Hum problem

Been chasing a hum in my VAC Ren 30/30 for quite a while.  My technician has been all through it and does not find a problem.  Says he cannot hear it in his system, but it's quite apparent on my Horning speakers (94 dB maybe?).  As soon as the soft start relay starts to open, it begins to be audible and when it clicks open it's fully audible, maybe from 5-6' away, with the pre-amp fully attenuated.  Once you advance the attenuator past about 9 or 10 o'clock, it starts to get louder, but not before.  It's not a transformer mechanical hum; no sound at the amp but clearly audible through the mid range of the speakers.  Present w no other components turned on (or any/all turned on).  No change after swapping out power cords, lifting ground, swapping interconnects.  Changing the position of the ground switch on the amp has no impact.  Same w AC straight from the wall or w AC from a Dodd Audio Balanced Power System iso transformer.  Since this is a transformer/tube amp (not an OTL), I assume there can be no DC offset, and cannot really check that because I don't think I can operate it w/o a speaker load and the info I find on the web says it must be checked w/o a load.  

Any ideas before I ship this 85 lb beast back to VAC?

One more thing to try, although it may be grasping at straws:  With the amp turned off, rotate the feedback control through all of its positions a few times, to wipe off or at least reduce oxidation that may be on its contacts.

The condition of the various contacts on that switch are one thing that comes to mind that could affect both channels in a similar manner.  And the age of the amp makes their condition somewhat suspect.

Good luck.  Best,
-- Al
Jim- yep I had everything off and double checked after reading your post

Al - will try that but if that’s what it is I am going to strangle my tech. The feedback control was kind of funky in its operation and the main reason I brought it in. The switch operates better know mechanically and he SAID he fixed it and also spent 3-4 hours giving it a complete going over.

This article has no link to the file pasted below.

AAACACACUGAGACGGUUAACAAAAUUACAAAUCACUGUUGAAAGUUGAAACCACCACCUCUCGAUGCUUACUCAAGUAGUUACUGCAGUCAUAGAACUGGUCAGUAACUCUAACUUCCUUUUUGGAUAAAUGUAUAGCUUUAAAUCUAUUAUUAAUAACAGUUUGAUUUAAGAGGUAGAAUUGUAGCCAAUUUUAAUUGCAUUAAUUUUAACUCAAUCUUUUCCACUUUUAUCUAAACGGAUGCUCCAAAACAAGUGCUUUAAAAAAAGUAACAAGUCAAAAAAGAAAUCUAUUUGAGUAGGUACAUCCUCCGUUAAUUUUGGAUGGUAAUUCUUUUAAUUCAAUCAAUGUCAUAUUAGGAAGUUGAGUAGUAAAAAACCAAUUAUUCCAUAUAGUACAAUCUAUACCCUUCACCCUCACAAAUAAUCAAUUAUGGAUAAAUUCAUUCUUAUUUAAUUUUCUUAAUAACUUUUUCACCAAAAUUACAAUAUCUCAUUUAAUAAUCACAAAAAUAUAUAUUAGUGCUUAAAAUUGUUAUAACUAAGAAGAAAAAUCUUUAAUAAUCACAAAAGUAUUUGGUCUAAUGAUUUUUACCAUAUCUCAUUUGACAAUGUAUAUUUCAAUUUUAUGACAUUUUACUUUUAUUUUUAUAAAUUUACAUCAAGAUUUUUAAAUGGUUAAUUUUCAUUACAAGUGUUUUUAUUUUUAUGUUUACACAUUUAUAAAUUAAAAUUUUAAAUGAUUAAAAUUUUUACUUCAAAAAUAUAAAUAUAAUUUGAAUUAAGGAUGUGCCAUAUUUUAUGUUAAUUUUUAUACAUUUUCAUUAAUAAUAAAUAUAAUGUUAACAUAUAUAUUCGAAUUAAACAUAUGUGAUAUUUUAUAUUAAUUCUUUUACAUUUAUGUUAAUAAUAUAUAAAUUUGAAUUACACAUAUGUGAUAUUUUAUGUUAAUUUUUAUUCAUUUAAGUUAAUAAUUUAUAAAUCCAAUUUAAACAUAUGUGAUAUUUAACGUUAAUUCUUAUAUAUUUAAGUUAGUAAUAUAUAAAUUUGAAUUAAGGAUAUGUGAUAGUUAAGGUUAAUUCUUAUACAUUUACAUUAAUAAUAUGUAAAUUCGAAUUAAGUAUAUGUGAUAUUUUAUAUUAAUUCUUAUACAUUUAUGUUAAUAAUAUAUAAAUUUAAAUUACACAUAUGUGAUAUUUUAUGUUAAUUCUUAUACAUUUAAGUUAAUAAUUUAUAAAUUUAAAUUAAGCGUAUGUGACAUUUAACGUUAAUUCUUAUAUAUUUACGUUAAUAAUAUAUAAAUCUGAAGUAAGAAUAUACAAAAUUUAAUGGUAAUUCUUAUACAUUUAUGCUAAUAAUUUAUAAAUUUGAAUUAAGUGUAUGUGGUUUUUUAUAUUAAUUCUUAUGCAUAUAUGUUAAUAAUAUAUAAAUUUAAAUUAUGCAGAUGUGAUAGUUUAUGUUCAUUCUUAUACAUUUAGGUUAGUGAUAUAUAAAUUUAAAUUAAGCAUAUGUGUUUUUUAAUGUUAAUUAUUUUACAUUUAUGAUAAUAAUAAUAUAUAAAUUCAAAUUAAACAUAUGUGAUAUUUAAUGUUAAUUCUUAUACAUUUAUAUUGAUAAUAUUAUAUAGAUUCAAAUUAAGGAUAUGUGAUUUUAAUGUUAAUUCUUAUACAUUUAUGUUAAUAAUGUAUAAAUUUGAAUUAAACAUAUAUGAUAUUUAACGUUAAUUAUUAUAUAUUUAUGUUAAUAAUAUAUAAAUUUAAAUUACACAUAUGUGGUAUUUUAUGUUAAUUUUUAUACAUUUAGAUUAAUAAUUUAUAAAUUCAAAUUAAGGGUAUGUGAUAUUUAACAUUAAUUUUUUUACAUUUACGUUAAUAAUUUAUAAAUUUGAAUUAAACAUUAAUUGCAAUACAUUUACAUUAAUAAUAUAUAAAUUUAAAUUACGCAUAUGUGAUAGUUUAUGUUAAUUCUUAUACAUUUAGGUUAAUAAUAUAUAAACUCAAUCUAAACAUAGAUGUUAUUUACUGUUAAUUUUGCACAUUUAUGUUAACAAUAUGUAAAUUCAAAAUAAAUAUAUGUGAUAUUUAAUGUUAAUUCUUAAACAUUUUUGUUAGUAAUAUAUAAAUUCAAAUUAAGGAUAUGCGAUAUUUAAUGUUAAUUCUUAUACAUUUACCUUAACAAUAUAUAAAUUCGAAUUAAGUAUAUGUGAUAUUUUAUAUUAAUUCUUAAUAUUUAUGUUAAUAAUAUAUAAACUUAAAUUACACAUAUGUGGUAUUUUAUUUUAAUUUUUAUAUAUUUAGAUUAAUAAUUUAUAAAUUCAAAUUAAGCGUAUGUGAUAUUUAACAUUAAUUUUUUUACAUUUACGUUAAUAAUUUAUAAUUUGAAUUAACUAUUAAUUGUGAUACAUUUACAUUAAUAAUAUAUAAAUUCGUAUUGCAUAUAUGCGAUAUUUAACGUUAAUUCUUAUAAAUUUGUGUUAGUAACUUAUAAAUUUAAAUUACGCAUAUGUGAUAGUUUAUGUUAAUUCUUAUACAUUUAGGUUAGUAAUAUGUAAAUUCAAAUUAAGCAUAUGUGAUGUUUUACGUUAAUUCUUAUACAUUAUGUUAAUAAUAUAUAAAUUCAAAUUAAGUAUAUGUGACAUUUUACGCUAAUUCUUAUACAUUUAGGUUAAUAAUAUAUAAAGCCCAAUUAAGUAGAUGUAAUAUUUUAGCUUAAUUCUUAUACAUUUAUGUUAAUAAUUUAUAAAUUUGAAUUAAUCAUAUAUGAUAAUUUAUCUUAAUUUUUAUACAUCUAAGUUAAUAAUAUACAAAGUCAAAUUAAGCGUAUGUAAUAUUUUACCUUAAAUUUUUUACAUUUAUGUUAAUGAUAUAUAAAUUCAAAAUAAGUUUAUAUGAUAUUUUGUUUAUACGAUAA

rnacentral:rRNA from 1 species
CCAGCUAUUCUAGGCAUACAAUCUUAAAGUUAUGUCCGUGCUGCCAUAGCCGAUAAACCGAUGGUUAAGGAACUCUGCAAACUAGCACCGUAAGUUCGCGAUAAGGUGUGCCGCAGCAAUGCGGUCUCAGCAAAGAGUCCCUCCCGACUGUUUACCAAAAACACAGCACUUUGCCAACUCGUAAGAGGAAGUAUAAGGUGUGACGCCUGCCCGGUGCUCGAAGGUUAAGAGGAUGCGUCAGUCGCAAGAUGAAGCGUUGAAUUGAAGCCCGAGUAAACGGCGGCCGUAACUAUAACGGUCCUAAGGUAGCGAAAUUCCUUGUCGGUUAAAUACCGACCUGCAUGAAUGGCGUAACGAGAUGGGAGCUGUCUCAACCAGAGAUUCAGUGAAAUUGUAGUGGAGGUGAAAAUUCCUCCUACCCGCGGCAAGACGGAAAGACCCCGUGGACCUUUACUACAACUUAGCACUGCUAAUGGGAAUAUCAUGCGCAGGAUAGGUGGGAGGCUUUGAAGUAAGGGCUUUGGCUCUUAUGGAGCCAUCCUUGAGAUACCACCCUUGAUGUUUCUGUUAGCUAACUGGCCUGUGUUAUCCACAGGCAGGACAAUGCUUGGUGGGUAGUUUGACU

Jetter- I guess I’ll have to dig up those old 300 bs. 

1. Hum not present when Atma S30 amp in system.
For me, interchanging in and out amps would be enough for me to point a finger right at where the issue resides. All else being equal and it appears so.

That move alone should resolve any suspicion of wires or speakers, or upstream gear, or even household effects as culpable items of interest.

My long ago EXP in fixing electronics points me towards the practical common sense sied of things as the approach I used back in the stone age, as a rule.

Guessing out loud as its all I can do here….. I’d say whatever is wrong is wrong in the VAC amp and quite immediately. ‘why’ it becomes more and more pronounced is due to the amp coming into a more stable operating posture so some devices are in play right off and if failing or failed, one would think the amp would either not work at all or work poorly.
Capacitors have terribly quick rise times individually. A bank of them even in parallel takes a tick longer to come up fully but no more essentially.

Caps don’t always create an open ckt. Preventing current or voltage transference 100% and hence, a lack of system wide operation. Caps don’t usually become the culprits either…. But nothing lasts forever man. Even caps.. a failing cap might be in play here.

I’d have ?? take a closer look at them IMO.

Also, to lessen or possibly prevent shipping it out, in the DIY vein, depending on just how exciting you want this step to become you can either unplug the amp from power, or leave it plugged in.

Tift the cover from the amp and leaving all tubes in place, as systematically as I could use a bottle of compressed air to clean it out. Or a vacuum cleaner with a thin tipped accessory or merely some pretty good small paint brushes to ensure nothing has gotten into the amp causing the issue. Just a thought. Dust + humidity + heat & repeat causes issues indeed.

Beyond a step by step front to back visual inspection of connections, boards, for issues with attention to excessive heat areas, where insulation or insulators may be compromised, or merely loosened, I’d say something is telling you it is sick and about to quit… but wants to surprise you with the timing of its exodus. Kind of a thoughtful thing if you think about it.

Although, an abrupt failure to operate would probably be less frustrating.

Deep regrets. Best of all possible speedy solutions.

@almarg -
Rotating the feedback switch back and forth reduced the volume of the hum as the feedback was increased and then of course an increase as feedback reduced back to zero.  I believe that this is expected but of course I totally lack the knowledge to understand why (something about changing the impedance maybe...of course I can say those words without knowing what that means, either).  Any harm in trying some good old contact cleaner on the switch?  Would I need to remove the bottom plate on the amp to do that?  If so, will that expose me to danger from high voltages? 
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